There is a critical document used in the business sale process known as the Confidential Information Memorandum or “CIM.” Other names for this document are pitch book, deal book, offering memorandum and confidential business review. A CIM tells a company’s story and lays out important facts and figures for prospective buyers. This article answers common questions about deal books and explains how they benefit sellers of businesses.
Who receives the CIM and when?
Buyers receive a CIM after signing a non-disclosure agreement (“NDA”) and after passing our screening process. One of the CIM’s main purposes is to help buyers make informed, confident and swift go/no-go decisions. Not having a CIM is a big time waster for sellers and buyers.
Who prepares the CIM?
The CIM is prepared by an M&A broker from interviews with and documents from the seller client. We also rely on our industry knowledge and research. Finalizing a CIM can take a few weeks after all the facts are gathered, but it makes the rest of the sale process goes faster, with fewer headaches and missteps. Remember, the goal is not to be for sale; but to sell and maximize value in a sale. In parallel with putting a CIM together, we complete our list of potential strategic buyers and build-out a data room for due diligence. We also coach our client on final business preparation during this time.
What information goes into a CIM?
A CIM discusses a company’s products and services; history; customer base; end markets; operations; technologies, systems, processes and capabilities; management and personnel; facilities and fixed assets; key contracts and certifications; IP and intangible assets; strategic relationships; growth plans; and more. It presents and analyzes several years of financial statements with normalization adjustments, and may include financial projections. It often discusses the competitive landscape and industry trends.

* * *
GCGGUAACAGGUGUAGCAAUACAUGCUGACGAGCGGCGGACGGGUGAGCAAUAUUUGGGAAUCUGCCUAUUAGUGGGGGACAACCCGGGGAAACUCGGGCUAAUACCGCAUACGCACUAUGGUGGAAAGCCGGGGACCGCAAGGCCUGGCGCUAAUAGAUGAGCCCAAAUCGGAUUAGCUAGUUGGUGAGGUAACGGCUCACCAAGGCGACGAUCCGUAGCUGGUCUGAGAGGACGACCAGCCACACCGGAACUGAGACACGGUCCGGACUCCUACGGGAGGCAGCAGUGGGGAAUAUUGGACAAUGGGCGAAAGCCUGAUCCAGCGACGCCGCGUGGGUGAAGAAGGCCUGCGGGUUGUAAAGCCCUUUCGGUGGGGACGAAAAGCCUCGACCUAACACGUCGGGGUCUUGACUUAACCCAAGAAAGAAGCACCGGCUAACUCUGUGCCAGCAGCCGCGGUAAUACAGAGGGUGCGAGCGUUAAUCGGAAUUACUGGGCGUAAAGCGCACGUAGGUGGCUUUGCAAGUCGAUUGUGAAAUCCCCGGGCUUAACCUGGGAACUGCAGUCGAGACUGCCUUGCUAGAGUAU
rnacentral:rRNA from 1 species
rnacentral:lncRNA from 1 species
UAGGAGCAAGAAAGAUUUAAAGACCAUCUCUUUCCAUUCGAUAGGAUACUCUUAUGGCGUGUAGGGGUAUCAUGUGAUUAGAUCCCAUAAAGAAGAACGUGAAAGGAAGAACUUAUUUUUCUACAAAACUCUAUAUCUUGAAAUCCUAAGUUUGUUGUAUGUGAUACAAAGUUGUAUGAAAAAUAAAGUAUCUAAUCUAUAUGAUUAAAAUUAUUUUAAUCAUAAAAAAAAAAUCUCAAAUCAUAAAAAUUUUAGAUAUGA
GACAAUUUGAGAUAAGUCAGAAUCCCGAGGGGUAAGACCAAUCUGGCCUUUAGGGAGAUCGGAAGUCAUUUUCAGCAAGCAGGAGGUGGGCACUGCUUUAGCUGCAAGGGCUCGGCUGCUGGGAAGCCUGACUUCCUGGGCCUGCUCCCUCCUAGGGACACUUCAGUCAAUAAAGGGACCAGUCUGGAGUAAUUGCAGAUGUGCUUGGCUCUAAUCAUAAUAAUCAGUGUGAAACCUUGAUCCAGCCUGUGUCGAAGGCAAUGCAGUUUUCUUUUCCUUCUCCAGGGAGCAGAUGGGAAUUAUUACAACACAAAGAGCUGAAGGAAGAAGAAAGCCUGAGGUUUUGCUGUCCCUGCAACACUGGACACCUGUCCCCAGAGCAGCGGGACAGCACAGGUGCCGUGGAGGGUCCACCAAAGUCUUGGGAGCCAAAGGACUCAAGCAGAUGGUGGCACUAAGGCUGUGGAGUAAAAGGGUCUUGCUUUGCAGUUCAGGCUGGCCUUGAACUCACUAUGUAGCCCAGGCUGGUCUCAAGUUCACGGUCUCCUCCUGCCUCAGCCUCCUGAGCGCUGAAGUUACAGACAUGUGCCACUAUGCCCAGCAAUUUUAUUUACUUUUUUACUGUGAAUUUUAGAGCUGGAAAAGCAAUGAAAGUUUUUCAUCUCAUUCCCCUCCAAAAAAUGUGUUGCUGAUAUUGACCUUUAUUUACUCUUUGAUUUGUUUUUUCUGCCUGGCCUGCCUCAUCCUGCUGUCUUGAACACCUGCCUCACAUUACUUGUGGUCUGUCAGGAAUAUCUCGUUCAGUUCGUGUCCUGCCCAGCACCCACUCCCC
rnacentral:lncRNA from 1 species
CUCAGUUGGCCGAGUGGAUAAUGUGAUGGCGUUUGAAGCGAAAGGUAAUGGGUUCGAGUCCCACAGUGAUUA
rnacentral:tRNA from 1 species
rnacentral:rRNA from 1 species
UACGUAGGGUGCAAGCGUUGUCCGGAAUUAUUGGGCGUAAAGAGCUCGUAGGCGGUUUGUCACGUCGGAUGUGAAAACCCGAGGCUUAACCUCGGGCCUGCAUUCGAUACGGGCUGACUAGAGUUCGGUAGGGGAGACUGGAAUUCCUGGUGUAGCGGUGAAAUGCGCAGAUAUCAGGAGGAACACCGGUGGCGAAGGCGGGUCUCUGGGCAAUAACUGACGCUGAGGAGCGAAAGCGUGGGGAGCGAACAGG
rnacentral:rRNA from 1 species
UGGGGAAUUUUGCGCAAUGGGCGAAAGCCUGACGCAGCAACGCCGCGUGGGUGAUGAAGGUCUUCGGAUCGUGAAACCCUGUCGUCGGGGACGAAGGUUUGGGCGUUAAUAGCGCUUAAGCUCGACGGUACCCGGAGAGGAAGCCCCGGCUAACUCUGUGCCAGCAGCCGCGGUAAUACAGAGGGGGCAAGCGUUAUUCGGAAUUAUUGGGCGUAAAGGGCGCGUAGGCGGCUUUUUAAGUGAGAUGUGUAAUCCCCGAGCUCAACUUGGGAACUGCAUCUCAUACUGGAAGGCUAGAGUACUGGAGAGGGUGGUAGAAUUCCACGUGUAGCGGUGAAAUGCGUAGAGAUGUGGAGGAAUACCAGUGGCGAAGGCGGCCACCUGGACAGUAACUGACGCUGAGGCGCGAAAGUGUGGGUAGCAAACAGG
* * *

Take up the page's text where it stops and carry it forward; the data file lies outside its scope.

Every CIM is a custom document that tells our client’s unique story to potential buyers. Stories should have numbers attached to them, and every number should have a story. CIMs can be 10 to 60 pages in length, plus exhibits, depending on the complexity of the business.
When writing the CIM, we exclude highly sensitive information. For example, a CIM typically presents a detailed analysis of the customer base without naming customers. Some things should wait for due diligence or even closing.
How does a deal book benefit sellers?
A professional CIM improves business sale outcomes in several ways:
- Sets expectations. Sets a professional tone for future discussions, builds credibility, and let’s buyers know you’re serious about maximizing value.
- More interest. More buyers will explore a deal if they receive quality information.
- Perceived value. A consistent story with supporting information leads to better offers. Conversely, uncertainty produces low offers.
- Speed. Having reviewed a quality CIM, buyers can move quickly to the next stage in the deal process, or move on, which is in everyone’s best interest.
- Persuade stakeholders. Buyers use the CIM to educate their investors, partners, lenders, CFO, attorney, CPA, and other advisors and stakeholders.
- Save your time. A CIM helps you avoid spending time with the wrong buyers. And meetings with buyer candidates will be more productive.
- Less renegotiation. Fewer surprises during due diligence means less renegotiating and fewer blown deals
- Secure your proceeds. A CIM makes important disclosures, early on. Important facts are less likely to be missed.
- Confidence in your team. Because you help shape the story and approve the CIM. You will understand exactly how your company will be represented by your M&A advisor.
It’s hard to believe, but some business brokers think that CIMs are too much work. Those who rush to market and skip or skimp on the CIM disappoint most of their clients.
If you are considering selling your company, I urge you to hire an M&A firm that will invest the time to analyze and present your company in the professional manner it deserves. The Confidential Information Memorandum or CIM is an essential part of a successful business sale process.
For further information on the benefits of a Confidential Information Memorandum or to discuss a current business sale, acquisition or valuation need, contact Al Statz in our Petaluma, California office, 707-781-8580 or email@example.com.